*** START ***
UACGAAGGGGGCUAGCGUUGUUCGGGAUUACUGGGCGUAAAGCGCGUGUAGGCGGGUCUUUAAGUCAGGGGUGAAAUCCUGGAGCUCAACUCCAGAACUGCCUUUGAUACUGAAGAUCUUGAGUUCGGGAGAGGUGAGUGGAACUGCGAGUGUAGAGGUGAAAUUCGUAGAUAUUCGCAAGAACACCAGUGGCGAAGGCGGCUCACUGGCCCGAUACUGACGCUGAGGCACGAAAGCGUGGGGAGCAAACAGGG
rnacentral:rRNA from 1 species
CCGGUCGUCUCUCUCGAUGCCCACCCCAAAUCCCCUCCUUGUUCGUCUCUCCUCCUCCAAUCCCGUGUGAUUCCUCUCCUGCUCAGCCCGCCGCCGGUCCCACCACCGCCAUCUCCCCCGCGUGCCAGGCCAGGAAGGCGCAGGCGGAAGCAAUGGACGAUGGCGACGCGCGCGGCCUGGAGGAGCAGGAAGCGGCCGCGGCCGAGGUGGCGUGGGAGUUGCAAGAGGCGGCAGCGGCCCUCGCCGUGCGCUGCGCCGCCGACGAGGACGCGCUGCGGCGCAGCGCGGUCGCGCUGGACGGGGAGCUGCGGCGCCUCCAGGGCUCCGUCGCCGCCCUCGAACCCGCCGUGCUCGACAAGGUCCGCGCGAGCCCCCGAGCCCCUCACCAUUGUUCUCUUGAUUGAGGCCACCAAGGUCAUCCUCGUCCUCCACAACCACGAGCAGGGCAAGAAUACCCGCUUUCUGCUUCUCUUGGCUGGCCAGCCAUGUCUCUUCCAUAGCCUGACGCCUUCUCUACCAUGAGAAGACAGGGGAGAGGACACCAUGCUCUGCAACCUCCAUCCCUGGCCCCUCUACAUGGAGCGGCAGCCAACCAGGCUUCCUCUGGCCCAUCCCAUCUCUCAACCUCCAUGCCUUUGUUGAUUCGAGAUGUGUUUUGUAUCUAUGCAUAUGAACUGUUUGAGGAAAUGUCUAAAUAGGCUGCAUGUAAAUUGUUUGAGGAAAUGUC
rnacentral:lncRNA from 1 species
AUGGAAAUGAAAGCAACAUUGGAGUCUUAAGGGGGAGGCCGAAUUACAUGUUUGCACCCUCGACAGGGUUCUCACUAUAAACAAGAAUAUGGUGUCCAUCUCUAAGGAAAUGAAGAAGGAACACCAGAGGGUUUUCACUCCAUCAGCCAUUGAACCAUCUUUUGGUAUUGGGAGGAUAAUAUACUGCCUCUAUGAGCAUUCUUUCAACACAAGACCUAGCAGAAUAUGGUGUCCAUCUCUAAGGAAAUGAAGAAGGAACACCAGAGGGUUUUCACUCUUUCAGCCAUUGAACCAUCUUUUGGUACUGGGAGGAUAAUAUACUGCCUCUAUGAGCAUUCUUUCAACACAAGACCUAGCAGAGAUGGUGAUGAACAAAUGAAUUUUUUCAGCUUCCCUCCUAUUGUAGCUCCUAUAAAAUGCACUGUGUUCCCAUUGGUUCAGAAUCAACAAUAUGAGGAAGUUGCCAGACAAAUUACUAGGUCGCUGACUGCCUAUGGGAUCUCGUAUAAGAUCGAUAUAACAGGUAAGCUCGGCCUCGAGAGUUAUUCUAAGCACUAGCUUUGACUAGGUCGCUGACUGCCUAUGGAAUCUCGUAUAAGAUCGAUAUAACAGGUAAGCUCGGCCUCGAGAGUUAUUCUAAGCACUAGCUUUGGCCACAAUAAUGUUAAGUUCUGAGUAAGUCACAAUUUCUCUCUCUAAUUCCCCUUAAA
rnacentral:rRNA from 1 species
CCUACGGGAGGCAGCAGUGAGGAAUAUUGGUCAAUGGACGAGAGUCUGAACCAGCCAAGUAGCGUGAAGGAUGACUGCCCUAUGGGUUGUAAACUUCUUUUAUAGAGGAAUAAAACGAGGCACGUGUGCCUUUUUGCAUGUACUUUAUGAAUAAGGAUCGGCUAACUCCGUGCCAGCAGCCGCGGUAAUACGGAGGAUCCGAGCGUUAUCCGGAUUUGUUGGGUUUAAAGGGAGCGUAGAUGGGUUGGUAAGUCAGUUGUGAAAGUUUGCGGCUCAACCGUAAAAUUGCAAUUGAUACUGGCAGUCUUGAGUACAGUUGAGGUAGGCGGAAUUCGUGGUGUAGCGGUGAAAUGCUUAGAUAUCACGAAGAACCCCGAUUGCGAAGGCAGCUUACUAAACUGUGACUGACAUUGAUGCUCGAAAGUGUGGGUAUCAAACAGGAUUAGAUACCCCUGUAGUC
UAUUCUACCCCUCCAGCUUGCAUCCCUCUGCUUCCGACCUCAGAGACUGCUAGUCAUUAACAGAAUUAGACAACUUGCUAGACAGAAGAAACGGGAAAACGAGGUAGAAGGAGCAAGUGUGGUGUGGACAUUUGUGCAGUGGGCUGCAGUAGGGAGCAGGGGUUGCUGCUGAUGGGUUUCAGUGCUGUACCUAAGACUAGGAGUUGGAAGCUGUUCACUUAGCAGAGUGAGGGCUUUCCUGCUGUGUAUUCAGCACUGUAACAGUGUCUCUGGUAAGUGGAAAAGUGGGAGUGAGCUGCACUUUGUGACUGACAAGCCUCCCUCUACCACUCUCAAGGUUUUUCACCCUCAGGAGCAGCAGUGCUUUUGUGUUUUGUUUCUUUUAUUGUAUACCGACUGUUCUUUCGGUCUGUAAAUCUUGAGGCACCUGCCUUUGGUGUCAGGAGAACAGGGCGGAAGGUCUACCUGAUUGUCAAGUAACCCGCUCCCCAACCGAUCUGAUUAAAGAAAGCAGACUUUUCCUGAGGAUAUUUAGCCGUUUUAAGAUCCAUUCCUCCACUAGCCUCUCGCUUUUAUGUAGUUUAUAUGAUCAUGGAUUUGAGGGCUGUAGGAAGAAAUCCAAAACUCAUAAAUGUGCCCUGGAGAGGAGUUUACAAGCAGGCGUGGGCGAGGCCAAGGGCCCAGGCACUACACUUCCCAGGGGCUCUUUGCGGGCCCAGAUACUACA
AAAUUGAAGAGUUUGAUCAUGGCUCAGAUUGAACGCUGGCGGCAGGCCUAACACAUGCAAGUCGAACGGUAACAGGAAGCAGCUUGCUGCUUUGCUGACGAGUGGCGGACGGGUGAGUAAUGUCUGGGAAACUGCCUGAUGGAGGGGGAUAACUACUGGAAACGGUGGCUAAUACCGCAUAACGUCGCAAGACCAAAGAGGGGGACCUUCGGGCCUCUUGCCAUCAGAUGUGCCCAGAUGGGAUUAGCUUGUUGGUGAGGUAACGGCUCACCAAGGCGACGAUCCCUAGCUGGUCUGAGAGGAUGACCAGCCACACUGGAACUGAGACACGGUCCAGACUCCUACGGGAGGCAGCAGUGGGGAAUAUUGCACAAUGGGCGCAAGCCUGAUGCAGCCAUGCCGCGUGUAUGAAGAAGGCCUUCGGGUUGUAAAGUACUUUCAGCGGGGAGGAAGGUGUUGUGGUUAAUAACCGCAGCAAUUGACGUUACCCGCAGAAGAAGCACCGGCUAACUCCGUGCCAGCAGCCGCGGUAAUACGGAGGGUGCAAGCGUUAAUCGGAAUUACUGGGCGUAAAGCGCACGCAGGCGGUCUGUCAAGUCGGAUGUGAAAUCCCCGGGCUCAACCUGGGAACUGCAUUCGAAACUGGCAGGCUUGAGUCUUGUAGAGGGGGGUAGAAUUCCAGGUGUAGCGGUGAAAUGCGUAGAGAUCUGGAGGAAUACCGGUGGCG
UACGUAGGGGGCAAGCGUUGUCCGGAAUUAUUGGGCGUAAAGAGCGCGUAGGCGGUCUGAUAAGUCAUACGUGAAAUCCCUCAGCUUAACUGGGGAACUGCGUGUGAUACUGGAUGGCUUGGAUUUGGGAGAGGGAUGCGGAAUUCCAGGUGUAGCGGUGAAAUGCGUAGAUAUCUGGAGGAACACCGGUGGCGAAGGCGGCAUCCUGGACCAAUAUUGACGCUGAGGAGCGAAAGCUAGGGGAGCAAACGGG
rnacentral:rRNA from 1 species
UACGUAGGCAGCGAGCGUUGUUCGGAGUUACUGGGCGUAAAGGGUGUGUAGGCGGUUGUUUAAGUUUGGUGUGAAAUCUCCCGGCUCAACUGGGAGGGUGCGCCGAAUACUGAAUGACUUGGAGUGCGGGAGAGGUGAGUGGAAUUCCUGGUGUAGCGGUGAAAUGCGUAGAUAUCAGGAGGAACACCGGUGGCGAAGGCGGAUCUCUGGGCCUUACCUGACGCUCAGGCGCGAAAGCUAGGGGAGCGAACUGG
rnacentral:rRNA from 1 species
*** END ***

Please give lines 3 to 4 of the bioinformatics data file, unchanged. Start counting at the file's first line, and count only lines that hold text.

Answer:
CCGGUCGUCUCUCUCGAUGCCCACCCCAAAUCCCCUCCUUGUUCGUCUCUCCUCCUCCAAUCCCGUGUGAUUCCUCUCCUGCUCAGCCCGCCGCCGGUCCCACCACCGCCAUCUCCCCCGCGUGCCAGGCCAGGAAGGCGCAGGCGGAAGCAAUGGACGAUGGCGACGCGCGCGGCCUGGAGGAGCAGGAAGCGGCCGCGGCCGAGGUGGCGUGGGAGUUGCAAGAGGCGGCAGCGGCCCUCGCCGUGCGCUGCGCCGCCGACGAGGACGCGCUGCGGCGCAGCGCGGUCGCGCUGGACGGGGAGCUGCGGCGCCUCCAGGGCUCCGUCGCCGCCCUCGAACCCGCCGUGCUCGACAAGGUCCGCGCGAGCCCCCGAGCCCCUCACCAUUGUUCUCUUGAUUGAGGCCACCAAGGUCAUCCUCGUCCUCCACAACCACGAGCAGGGCAAGAAUACCCGCUUUCUGCUUCUCUUGGCUGGCCAGCCAUGUCUCUUCCAUAGCCUGACGCCUUCUCUACCAUGAGAAGACAGGGGAGAGGACACCAUGCUCUGCAACCUCCAUCCCUGGCCCCUCUACAUGGAGCGGCAGCCAACCAGGCUUCCUCUGGCCCAUCCCAUCUCUCAACCUCCAUGCCUUUGUUGAUUCGAGAUGUGUUUUGUAUCUAUGCAUAUGAACUGUUUGAGGAAAUGUCUAAAUAGGCUGCAUGUAAAUUGUUUGAGGAAAUGUC
rnacentral:lncRNA from 1 species